Voter “education”? Why on earth should tax payers subsidize his stadium? Maybe the voters are educated and don’t want to pay for a billionaires stadium? The existing stadium can be used for soccer, can’t it?

    I have a novel idea – let the people attending the games pay for it via PSLs. If the owner can’t raise enough then he’s out of luck. How is Kroenke able to build his own stadium? Kraft built his own. Let the team move. The 66,000 fans who attend his games will be sad, the rest will watch some team on TV.

    >>But successful voter education campaigns can sway enough voters to pass a measure. And while it seems silly when considering a ballot measure for building a stadium lasting 30-50 years, how the Chargers play in the 2016 season will affect the vote’s outcome

  9. jmoney74 says: Feb 18, 2016 10:30 AM

    I agree with the poster above… why use public money when they will eventually threaten or actually leave in the future.

  10. jonathankrobinson424 says: Feb 18, 2016 10:31 AM

    …..bearflagfan has given more thought and insight into HOW to get a stadium built in San Diego, than the Chargers owners, the city council & major ,and the NFL power structure. Maybe Spanos and SD government need to read this board?

  11. JSpicoli says: Feb 18, 2016 1:17 PM

    Its a retirement, military and college town. No real cash there, at least no coporate sponsorship. What do that have
    PETCO and Nokia?

  12. yaryers says: Feb 18, 2016 1:53 PM

    San Diego’s population is 1.356M, which means it would cost each taxpayer an extra $275 to keep their team. Would I pay $275 to keep my team?


    I understand not everyone has that kind of money, but it’s really not that substantial an amount as a one time tax hike.

  13. mdintino1420 says: Feb 18, 2016 2:39 PM

    I really think they are going down a dangerous path in putting the stadium issue to a public vote. City and county officials are the only ones who need to approve a new stadium or modernization of the convention center.

    If you don’t like football or sports, fine. Please do not ruin it for those that do. In other words, DO NOT VOTE.

    If the referendum loses, Spanos will wash in hands to San Diego for good good and move the team to another city. He has a tentative deal to move to Los Angeles. Let’s preserve and improve city institutions like the Chargers and the stadium. Let’s show the world that we are an up to date NFL town. Something well beyond money would be lost if we lost the Chargers. VOTE YES TO PRESERVE OUR CULTURE AND TRADITION. VOTE YES SO YOU CAN TAKE YOUR KID TO SEE A CHARGER GAME FOR MANY YEARS TO COME!!!!!!!!!!!!!!!!!!!!!!

  14. mdintino1420 says: Feb 18, 2016 2:45 PM

    It is crucial to get the YES VOTE out in full force. Tell your family members, friends, co-workers, church members, bowling league members, etc. TO VOTE YES. We need every vote we can get to defeat the ignorant cheapskates who will vote no


  15. mackcarrington says: Feb 18, 2016 3:42 PM

    The residents of San Diego are determined to prove that they don’t need the NFL to provide them an identity. They saw that the world didn’t come crashing to an end when LA went 20 years without pro football. In fact San Diego doesn’t really care about pro sports much at all. They’ve never tried to replace the 2 NBA franchises they lost and have never lobbied for the NHL or even pro soccer. They’re just fine with Comic-Con, their zoo, beaches and weather. San Diego doesn’t yearn for national attention or acceptance the way Buffalo, or Cleveland, for example, does.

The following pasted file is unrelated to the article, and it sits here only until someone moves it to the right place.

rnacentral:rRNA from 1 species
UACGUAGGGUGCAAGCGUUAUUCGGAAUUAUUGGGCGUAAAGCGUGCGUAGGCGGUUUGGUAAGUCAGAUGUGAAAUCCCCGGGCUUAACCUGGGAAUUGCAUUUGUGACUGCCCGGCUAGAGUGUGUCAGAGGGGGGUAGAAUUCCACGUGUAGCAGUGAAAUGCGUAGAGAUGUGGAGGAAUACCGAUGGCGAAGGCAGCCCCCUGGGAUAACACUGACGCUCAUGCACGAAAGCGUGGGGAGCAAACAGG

16. ivanpavlov0000 says: Feb 18, 2016 4:39 PM

    Public money (tax money) should never be used to fund an NFL stadium.

    The NFL (like many other corporations) believes in socializing its costs while privatizing its profits. A publicly funded stadium only helps the NFL and the owners. It provides a very poor return on investment for taxpayers.

    It’s worth noting that most of San Diego’s politicians love the idea of a new stadium, but the good citizens of San Diego want nothing to do with corporate welfare for billionaires.

  17. raiders757 says: Feb 19, 2016 1:55 PM

    What I don’t get, is that if the NFL rakes in billions every year, why don’t they give interest free loans to the teams that need new stadiums instead of having them mooch off the tax payers? Loan the teams the cash that would otherwise come from public funds, and have them pay it back over the course of a few years through their revenue shares.

    It’s a simple solution that takes the burden off the communities involved, and keeps the NFL product up to date.

  18. brettfavreisapacker4ever says: Feb 21, 2016 9:06 PM

    raiders757 says:
    if the NFL rakes in billions every year, why don’t they give interest free loans
    The “Billions” is a total of all 32 NFL teams and their merchandising. I’m pretty sure they committed to help with a new S.D. stadium. A good business deal is when 2 parties negotiate in a way that benefits each other. I know taxpayers hate taxes but I can’t see how you can let them leave for $375 million? Think of the lost revenue in so many ways. Taxes, small businesses in the area, restaurants, bars, hotels, etc. Lost jobs, You have to do it.
    It just hurts a little less if you build it.